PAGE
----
In Madison County, small claims court cases are heard in the local town or village court. In small claims court, individuals can sue for up to $3,000. Small claims court cases are designed to be relatively informal (compared to normal civil cases). If your claim exceeds $3,000, you may not split them into two separate claims to bring it under the limit. The only form of relief you can sue for is monetary. You cannot sue someone to force a person or business to perform a task (like fix a car) or return a personal item. A party can only sue for monetary relief. You are also able to sue a municipality (city, village, town, or county) and other public agencies, but the law requires you to give notice before you sue them. Notice must be given within 90 days of the incident which gives rise to your case. If you do not provide notice within this window, your case will be dismissed.

Am I eligible to sue in small claims court?

The small claims court is available to any person who has reached the age of majority (18 years or older). If someone is younger than 18, a parent or legal guardian is able to bring an action on behalf of the minor. Usually, corporations, partnerships, or other assignees are unable to sue in Small Claims Court (but they can bring an action in Commercial Claims Court which is located at the same court where your small claims court case would normally be filed). These entities can be sued in this court. When a business, corporation, or other entity is sued, the entity is able to authorize a person (usually an employee, director, or attorney) to appear on its behalf.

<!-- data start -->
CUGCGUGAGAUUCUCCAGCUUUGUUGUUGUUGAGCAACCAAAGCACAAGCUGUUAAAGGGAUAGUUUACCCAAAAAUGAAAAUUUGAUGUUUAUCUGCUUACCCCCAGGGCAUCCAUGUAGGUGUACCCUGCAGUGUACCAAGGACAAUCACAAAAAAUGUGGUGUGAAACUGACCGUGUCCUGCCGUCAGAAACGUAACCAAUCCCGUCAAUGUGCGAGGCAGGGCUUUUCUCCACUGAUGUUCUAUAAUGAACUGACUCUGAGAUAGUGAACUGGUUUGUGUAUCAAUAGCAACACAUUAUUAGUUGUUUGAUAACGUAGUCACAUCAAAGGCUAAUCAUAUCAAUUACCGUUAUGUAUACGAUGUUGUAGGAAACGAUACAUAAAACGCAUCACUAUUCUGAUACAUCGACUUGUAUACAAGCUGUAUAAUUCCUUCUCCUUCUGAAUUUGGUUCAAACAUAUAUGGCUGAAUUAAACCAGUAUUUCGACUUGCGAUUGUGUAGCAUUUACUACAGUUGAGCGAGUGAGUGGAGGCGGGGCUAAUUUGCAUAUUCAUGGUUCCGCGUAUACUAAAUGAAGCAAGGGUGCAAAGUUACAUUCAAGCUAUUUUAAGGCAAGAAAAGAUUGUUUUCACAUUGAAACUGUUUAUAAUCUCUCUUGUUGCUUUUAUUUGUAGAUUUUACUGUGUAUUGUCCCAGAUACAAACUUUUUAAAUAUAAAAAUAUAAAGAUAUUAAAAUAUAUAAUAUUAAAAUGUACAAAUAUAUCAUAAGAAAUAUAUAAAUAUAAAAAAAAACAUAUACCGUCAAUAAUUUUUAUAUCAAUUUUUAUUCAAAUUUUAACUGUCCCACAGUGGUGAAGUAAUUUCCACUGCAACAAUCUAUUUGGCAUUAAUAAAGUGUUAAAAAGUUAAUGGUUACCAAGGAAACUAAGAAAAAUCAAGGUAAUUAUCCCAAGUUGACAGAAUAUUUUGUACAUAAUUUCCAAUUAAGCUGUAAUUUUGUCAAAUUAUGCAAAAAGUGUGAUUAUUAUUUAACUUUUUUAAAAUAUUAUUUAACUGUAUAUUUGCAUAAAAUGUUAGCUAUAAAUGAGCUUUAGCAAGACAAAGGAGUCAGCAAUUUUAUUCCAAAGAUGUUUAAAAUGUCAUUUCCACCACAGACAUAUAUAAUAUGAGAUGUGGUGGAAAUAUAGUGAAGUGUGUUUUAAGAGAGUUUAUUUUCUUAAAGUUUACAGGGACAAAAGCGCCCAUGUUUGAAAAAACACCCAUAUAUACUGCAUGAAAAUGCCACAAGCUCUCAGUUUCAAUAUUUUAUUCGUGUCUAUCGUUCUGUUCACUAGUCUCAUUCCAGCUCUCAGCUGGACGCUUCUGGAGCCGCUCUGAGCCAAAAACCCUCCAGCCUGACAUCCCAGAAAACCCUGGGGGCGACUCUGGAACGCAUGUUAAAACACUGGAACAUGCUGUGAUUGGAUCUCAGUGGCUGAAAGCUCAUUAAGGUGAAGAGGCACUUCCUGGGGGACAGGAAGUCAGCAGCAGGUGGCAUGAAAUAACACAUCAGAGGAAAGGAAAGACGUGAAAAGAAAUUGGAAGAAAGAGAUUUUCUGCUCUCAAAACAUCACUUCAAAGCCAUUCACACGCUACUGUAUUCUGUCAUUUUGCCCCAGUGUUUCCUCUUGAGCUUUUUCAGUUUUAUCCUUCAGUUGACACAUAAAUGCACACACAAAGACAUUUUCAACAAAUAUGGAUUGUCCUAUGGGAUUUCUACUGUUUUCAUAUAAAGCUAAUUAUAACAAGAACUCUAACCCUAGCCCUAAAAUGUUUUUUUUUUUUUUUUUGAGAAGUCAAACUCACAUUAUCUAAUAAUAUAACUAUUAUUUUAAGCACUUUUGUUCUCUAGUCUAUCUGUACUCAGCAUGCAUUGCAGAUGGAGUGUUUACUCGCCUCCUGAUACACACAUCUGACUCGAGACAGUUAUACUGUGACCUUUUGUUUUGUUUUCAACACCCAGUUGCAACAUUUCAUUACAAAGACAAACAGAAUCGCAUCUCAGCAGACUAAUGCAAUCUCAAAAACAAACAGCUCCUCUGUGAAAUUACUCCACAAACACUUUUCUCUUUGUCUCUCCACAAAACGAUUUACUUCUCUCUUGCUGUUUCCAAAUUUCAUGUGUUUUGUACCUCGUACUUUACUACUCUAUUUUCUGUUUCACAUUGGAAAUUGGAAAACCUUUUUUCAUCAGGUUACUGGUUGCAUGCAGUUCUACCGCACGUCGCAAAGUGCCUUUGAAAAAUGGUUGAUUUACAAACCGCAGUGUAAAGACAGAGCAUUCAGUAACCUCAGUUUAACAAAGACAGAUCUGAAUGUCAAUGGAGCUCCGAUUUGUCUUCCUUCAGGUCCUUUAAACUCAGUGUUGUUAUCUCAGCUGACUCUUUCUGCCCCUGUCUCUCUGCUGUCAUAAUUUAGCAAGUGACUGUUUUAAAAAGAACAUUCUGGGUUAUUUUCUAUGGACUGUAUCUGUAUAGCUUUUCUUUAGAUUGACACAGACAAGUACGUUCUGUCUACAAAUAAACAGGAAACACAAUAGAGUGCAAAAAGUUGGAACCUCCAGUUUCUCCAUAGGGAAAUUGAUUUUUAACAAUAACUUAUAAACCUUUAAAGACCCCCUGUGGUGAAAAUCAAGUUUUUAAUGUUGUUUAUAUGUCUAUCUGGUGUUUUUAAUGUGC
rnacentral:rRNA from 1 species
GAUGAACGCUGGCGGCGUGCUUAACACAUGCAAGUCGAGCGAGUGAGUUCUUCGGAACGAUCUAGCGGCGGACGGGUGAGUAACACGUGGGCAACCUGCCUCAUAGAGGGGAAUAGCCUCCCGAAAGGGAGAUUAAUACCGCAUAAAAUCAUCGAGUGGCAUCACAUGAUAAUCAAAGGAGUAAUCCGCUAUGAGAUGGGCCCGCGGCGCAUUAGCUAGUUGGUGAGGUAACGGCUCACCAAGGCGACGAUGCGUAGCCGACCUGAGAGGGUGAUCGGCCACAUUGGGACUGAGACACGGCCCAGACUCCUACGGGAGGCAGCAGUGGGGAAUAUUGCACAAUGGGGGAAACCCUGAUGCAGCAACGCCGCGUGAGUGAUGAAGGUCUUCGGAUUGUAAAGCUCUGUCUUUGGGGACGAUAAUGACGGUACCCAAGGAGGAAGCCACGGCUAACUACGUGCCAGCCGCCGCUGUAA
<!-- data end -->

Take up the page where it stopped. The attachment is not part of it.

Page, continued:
Small Claims Court Terms

The party is a person, business, or other entity involved in a court case (on either side of the “v.” in the case name). A plaintiff (sometimes called claimant) is the person who initiates or begins the lawsuit. A defendant is the person or entity being sued (person who owes money). In certain cases, a third party (ie. not the plaintiff or defendant) is brought into a case (usually by a defendant who feels the third party is partly responsible for the damage to plaintiff). A defendant who is interested in filing a third party action should contact the clerk of the local court for the property procedures and filing fees.

Can I ask for a continuance?

The court may call a continuance an adjournment. The court generally discourages continuances in the interest of resolving disputes quickly and inexpensively. Only the court can give you a continuance (even if you have talked to the other party and agreed to a later date). You can ask for an adjournment by sending a letter to the court before your hearing date. You should also send a copy of the letter to the other party. You can also ask for a continuance on the hearing date, but you need to be prepared in case the court refuses your request.

Small Claims Court Appeals for Madison County Cases